Origin says 20% renewables target ‘already nearly met’

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Origin says Australia’s 20% renewable energy target ‘already nearly met,’ and additional mandatory investments would further increase electricity prices.

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With the Coalition government set to review Australia’s 2020 Renewable Energy Target early next year, Australia’s biggest utility, Origin Energy, has declared that the nation has already nearly met its 20 per cent goal for renewables penetration, and that any further mandatory target would only further drive up the cost of electricity.

In his address to the annual general meeting today, Origin Energy chairman Kevin McCann said Australia’s largest energy retailer believed the 20 per cent target was “already nearly met,” and that additional mandatory investments in renewables would only further increase the delivered cost of electricity to consumers.

“We believe (Coalition) government should use the next scheduled review of the scheme in 2014 to review its effectiveness,” McCann said, adding that Origin looked forward to working with the new federal government, with its plan to replace the carbon price with a Direct Action policy. “If well designed, this policy can make an effective contribution to reducing Australia’s carbon emissions,” he said.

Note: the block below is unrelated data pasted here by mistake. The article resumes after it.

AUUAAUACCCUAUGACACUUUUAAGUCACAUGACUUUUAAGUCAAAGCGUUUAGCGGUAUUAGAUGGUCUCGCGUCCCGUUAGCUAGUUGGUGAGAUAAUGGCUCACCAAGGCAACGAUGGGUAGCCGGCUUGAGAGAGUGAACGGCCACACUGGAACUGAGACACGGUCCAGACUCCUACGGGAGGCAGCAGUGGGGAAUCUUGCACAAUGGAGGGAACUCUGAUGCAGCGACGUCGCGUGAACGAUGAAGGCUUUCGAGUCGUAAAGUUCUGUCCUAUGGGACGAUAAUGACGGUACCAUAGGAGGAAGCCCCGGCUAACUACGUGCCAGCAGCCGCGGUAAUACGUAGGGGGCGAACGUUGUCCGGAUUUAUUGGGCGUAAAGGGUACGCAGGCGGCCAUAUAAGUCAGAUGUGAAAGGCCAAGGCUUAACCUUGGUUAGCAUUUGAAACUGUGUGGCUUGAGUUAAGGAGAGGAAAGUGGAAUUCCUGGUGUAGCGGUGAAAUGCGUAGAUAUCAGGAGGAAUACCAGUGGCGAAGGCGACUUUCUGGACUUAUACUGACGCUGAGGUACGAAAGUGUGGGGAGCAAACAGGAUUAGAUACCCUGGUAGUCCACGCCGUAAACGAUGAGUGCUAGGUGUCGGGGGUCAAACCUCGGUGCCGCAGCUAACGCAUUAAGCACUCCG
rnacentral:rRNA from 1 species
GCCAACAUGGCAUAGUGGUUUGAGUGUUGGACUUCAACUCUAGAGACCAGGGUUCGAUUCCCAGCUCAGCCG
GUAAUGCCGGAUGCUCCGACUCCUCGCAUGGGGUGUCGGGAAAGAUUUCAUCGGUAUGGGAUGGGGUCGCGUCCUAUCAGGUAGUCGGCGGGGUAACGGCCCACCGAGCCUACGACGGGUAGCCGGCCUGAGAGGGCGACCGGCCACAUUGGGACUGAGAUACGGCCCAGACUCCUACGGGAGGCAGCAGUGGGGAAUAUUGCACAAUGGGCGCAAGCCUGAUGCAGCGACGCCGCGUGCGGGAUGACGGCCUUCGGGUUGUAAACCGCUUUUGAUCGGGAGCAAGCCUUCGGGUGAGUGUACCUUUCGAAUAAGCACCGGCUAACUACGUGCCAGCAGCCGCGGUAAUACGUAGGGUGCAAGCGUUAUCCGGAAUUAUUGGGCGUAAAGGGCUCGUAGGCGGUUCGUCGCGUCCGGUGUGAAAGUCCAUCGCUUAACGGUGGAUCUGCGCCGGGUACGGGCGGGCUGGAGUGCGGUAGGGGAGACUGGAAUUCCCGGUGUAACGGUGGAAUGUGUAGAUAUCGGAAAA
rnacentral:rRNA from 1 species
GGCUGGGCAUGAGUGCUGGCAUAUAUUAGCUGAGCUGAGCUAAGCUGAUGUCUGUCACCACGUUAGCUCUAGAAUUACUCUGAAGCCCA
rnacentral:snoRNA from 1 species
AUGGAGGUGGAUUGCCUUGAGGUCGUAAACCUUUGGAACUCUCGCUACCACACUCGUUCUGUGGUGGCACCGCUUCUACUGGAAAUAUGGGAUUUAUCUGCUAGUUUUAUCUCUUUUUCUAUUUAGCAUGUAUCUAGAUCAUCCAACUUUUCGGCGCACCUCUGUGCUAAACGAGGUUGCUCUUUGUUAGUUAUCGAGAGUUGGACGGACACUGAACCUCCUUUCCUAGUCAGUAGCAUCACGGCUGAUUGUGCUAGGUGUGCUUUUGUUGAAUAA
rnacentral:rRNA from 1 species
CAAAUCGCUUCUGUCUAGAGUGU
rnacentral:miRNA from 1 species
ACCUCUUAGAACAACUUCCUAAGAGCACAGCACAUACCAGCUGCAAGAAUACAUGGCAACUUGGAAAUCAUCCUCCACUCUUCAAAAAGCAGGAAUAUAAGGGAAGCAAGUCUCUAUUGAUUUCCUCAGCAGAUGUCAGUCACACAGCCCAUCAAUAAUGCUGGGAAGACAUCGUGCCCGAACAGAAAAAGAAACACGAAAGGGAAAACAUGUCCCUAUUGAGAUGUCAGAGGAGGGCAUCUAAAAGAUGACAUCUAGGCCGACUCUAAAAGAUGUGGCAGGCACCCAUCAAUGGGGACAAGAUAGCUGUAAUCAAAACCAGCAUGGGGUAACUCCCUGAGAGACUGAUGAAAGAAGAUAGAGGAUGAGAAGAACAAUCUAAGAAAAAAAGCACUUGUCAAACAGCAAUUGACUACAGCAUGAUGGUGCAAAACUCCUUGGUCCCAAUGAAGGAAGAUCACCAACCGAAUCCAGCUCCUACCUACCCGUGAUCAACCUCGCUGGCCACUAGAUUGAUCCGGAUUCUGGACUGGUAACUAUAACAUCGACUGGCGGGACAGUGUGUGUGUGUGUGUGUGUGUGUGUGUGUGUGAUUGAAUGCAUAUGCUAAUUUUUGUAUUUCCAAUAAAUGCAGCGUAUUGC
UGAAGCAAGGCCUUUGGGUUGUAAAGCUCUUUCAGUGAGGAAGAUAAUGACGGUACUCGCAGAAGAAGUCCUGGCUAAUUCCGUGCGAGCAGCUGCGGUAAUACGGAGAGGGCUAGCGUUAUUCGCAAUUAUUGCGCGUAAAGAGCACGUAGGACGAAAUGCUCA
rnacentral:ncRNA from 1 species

McCann did not explain how Origin arrived at the “nearly met” 20 per cent target. A recent assessment by Pitt&Sherry – also discussed here  – suggested that the penetration of renewables in Australia’s market was no more than 15 per cent in 2013. That, however, is ahead of the timeline.

Origin Energy managing director Grant King – who today agreed to extend his contract as head of the gentailer – has consistently argued that the current LRET, which calls for 41,000GWh of renewable energy to be delivered by 2020, is failing to stimulate technology innovation, while delivering a high cost of abatement, and has canvassed the idea of pushing the target out to 25% by 2025, or even 30 per cent by 2030.

In an interview with RenewEconomy in August – before the federal election – King suggested that the LRET should be pushed out even further, with higher targets by an even later date, because the current target was not delivering on its objective.

McCann’s remarks, and the continued push to have the RET reviewed, came as Origin Energy – with its 30 per cent share of the Australian energy market – was accused of actively blocking renewables, in a new report produced by Greenpeace Australia and local NGO 100% Renewable.

The report – Strangling Renewables: Origin Energy’s campaign against renewable energy – suggests Origin’s stance on renewables is part of a broader strategy to prolong the dominance of gas and fossil fuels.

It notes that Origin was once a strong supporter of government policy to stimulate greater investment in renewable energy – a position it has changed since investing substantially in gas projects, including a $24.7 billion LNG project in Queensland, and nine gas energy generation plants with a combined capacity of 2541MW.

Both of these investments – as well as the fact that Origin generates 75 per cent of its profit through its retail arm – were threatened by the  increased penetration of large- and small-scale solar and wind, said the report, which had already contributed to falling electricity demand and prices.